The Cloud First Mandate for Government Demands an Open Architecture for Cloud

From my post, Virtual Integrated System Blog – Government – The Cloud First Mandate for Government Demands an Open Architecture for Cloud, on the Virtual Integrated System Blog at Ziff Davis Enterprise:

The federal government is moving toward a “cloud first” policy for new applications. Jeffery Zients, the government’s first-ever Chief Performance Officer, announced in mid-November that the Office of Management and Budget will require that all agencies will be required to use cloud-based options for new system acquisitions “whenever a secure, reliable, cost-effective cloud option exists.”

The Washington Post reported Zients’ announcement of the changes, first outlined at a Northern Virginia Technology Council meeting on November 19. According to the article, “The government’s been trying to do this for a long time,” he said, “but obstacles have always gotten in the way.” Now, he said, “we finally clear out those obstacles and allow agencies to successfully apply the agile, modular development approach.”

That policy will certainly boost the acceptance rate of cloud-based services within the federal government. But it will take more than simply requiring cloud-based solutions for new systems to meet the government’s goal of a 40 percent reduction in the number of Federal data centers by 2015. Existing systems will also need to be migrated to the cloud, and migrated toward an architecture that takes advantage of self-service IT and a shared cloud infrastructure. And there will also need to be substantial improvements in standards for data integration between applications residing in the cloud in different types of infrastructure–whether the clouds are outsourced or operated in federal data centers.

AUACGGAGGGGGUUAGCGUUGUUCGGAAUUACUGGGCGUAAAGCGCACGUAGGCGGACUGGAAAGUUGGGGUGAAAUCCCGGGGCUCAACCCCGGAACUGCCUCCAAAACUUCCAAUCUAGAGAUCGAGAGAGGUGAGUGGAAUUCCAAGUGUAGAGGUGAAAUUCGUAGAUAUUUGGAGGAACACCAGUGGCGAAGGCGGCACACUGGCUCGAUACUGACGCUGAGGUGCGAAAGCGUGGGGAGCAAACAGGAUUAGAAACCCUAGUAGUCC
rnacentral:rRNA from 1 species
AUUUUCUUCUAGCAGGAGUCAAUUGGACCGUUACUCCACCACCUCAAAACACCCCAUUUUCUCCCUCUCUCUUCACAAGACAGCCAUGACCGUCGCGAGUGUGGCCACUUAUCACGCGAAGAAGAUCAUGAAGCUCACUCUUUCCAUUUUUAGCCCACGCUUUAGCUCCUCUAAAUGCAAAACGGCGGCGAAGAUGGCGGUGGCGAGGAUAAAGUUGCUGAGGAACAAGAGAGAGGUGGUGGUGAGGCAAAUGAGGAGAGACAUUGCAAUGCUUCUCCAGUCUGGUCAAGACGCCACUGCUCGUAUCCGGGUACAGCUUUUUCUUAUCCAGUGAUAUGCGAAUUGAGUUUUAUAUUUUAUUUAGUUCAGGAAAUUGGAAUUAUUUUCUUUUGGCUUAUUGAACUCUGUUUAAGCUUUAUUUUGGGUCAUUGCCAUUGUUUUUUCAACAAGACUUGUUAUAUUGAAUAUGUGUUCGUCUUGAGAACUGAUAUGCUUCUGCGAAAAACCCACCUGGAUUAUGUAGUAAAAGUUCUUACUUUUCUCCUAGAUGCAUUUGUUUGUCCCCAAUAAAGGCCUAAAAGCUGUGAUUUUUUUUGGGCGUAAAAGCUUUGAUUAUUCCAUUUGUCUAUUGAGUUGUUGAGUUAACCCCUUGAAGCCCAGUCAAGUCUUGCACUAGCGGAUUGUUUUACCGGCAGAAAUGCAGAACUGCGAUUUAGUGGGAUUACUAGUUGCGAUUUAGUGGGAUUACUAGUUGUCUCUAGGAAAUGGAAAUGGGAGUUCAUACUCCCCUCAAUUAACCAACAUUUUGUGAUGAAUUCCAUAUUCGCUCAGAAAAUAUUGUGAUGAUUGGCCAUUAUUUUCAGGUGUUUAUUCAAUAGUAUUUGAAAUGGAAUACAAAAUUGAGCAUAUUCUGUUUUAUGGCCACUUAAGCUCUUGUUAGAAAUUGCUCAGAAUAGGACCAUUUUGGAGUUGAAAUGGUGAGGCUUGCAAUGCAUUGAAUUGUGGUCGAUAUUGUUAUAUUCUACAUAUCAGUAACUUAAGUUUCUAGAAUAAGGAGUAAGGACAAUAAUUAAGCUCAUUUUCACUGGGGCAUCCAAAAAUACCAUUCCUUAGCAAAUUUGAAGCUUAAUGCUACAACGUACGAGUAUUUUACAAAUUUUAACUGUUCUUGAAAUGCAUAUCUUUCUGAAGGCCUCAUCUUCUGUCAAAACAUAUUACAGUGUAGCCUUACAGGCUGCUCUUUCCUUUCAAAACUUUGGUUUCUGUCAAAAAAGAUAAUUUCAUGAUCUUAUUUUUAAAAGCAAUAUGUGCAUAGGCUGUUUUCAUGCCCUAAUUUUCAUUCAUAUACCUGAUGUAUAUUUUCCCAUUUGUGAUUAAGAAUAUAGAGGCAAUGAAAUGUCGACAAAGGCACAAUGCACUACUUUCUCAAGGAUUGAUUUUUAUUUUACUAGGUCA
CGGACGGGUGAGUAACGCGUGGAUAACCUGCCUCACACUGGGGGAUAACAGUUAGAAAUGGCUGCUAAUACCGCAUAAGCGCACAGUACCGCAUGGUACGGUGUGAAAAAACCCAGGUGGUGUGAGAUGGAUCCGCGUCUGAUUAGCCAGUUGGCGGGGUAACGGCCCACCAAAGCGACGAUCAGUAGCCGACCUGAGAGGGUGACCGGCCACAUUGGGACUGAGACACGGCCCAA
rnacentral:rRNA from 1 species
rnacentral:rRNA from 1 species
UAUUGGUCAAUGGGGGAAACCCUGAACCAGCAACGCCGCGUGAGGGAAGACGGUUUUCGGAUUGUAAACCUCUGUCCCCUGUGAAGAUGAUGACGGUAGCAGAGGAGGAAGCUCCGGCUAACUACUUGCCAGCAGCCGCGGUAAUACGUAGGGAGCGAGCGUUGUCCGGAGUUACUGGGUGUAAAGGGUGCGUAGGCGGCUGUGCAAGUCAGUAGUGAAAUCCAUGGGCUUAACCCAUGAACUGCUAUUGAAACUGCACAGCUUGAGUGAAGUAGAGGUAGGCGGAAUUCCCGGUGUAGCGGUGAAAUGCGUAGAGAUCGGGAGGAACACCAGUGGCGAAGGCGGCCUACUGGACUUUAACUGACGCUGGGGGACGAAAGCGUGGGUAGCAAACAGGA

To make the move from the current mix of virtualized and non-virtualized systems to more of a cloud model for computing, and have the same sort of agility in infrastructure as they gain in cloud-based software solutions, agencies are going to need an open architecture that allows them to move their systems from whatever hypervisor or physical server operating system they currently reside on into a cloud-based virtual environment without having to worry about what hypervisor environment is being used to manage the cloud. They’ll need to be able to extract those virtual servers and redeploy them as well, to ensure that the cost of exit from a vendor’s cloud contract, for example, isn’t higher than the cost of the contract itself. And for agencies that decide to run their own private cloud, those capabilities will be even more important to ensure that they don’t get locked into specific hardware architectures going forward, and can more easily inject new technology into existing environments.